On the evening of October 15, 1890, Hennessy was shot by several gunmen as he walked home from work. It is likely that the gunmen were wielding sawn-off shotguns — known in Italian terms as lupara — a common type of execution among Mafiosi. Hennessy returned fire and chased his attackers before collapsing. When asked who had shot him, Hennessy reportedly whispered to Captain William O'Connor: "Dagos." Hennessy was awake in the hospital for several hours after the shooting and spoke to friends but did not name the shooters. The next day, complications set in and he died.[7][8]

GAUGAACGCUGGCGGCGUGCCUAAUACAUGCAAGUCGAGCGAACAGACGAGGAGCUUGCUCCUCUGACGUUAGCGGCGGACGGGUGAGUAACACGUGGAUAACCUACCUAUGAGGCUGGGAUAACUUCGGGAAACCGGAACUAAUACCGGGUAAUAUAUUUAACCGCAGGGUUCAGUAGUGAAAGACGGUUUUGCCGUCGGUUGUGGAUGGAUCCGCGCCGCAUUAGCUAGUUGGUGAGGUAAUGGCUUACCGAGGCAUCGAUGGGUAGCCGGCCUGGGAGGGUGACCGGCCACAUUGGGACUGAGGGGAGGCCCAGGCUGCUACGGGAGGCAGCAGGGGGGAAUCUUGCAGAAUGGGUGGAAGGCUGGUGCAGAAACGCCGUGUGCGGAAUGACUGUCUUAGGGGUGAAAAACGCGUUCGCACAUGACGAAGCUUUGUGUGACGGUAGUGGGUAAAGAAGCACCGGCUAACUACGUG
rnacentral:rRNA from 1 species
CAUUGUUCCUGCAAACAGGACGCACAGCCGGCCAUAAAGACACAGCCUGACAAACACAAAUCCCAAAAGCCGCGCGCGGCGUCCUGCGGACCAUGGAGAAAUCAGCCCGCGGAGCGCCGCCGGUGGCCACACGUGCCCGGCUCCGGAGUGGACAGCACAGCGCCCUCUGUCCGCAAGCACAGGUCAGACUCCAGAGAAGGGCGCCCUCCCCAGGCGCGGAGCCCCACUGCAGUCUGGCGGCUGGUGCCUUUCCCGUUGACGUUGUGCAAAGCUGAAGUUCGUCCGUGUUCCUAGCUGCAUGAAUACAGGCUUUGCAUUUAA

There had been an ongoing feud between the Provenzano and Mantranga families, who were business rivals on the New Orleans waterfront. Hennessy had put several of the Provenzanos in prison, and their appeal trial was coming up. According to some reports, Hennessy had been planning to offer new evidence at the trial to clear the Provenzanos and implicate the Mantrangas. That would mean that the Mantrangas, not the Provenzanos, had a motive for the murder.[9] A policeman, a friend of Hennessy, later testified that Hennessy had told him he had no such plans.[10] In any case, it was widely believed that Hennessy's killers were Italian. Local papers such as the Times-Democrat and the Daily Picayune freely blamed "Dagoes" for the murder.[11] Various newspaper accounts of the era linked Hennessy's murder to Esposito and the Mafia.